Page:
Physician Adoption of Hyperbaric Oxygen Therapy in the Treatment of Chronic Wounds

Author(s): 
Shien Guo, PhD, MHA; Michael A. Counte, PhD; Homer Schmitz, PhD; and Horng-Shiuann Wu, PhD, RN



The significant association between community size and adoption of HBOT may result from the fact that most hyperbaric oxygen chambers are located in urban areas.31 Hence, physicians practicing in larger communities normally have a greater chance of using HBOT. This study’s findings confirm previous reports in which patient preference was demonstrated to have a positive influence on physician adoption of medical technologies.16,28,29 Physicians in this study whose patients requested provision of HBOT at least once were more likely to adopt it than physicians who never had requests for this therapy. Such a strong association may imply that educating a select group of patients or lay population to increase service demand may be an effective way to rapidly influence physicians to adopt the therapy.

Physician knowledge of HBOT was another important factor that influenced its adoption. Physicians more familiar with HBOT were more likely than those less familiar with HBOT to use this therapy. Furthermore, level of physician HBOT knowledge was significantly associated with frequent reliance for information on peers (crude OR = 4.62, 95% CI = 2.04 to 10.43) and symposia (crude OR = 2.44, 95% CI = 1.16 to 5.15). These important information sources underscore the need for identifying and sponsoring local physician champions and supporting related clinical symposia — useful strategies to effectively disseminate information regarding HBOT among physicians.

Individual items within the knowledge measure (see Table 3) were examined using single logistic regression to determine which item(s) had the strongest effect on the adoption of HBOT. The regression analysis shows that physician familiarity with the therapeutic mechanisms of HBOT in wound healing had the greatest impact (crude OR = 17.76, 95% CI = 3.93 to 80.37) on the adoption of HBOT among all four items. A possible explanation for this finding is that an individual is more likely to adopt new technology that has relevance to his/her specific situation.15 Because the study population was comprised of physicians specializing, and board certified, in wound care, knowing more about the therapeutic mechanisms of HBOT specific to wound healing would increase the likelihood of adopting HBOT in practice. The message used to promote HBOT in a specific medical specialty should be tailored to its members’ interests.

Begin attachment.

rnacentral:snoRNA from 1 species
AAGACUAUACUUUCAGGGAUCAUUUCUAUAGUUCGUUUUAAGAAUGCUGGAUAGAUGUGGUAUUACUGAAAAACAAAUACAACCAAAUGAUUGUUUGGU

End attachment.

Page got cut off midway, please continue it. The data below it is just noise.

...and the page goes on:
Multiple logistic regression results indicate that physician attitude toward the beneficial effects of HBOT is significantly associated with physician adoption of this therapy. Respondents with a favorable attitude were more likely than those who had an unfavorable attitude to adopt this therapy. When items within the attitudinal measure (see Table 4) were examined to determine which had the strongest effect on the HBOT adoption, physician attitude toward the cost-effectiveness of therapy had the largest effect (crude OR = 6.50, 95% CI= 3.46 to 12.23) among all five items. This is probably because HBOT is expensive in the US and considered an adjunct treatment. As a result, a physician’s decision to use HBOT is likely to be based on whether the potential benefits outweigh its costs. This finding suggests that information or evidence used to promote HBOT use in the medical community should include evidence of cost-effectiveness.

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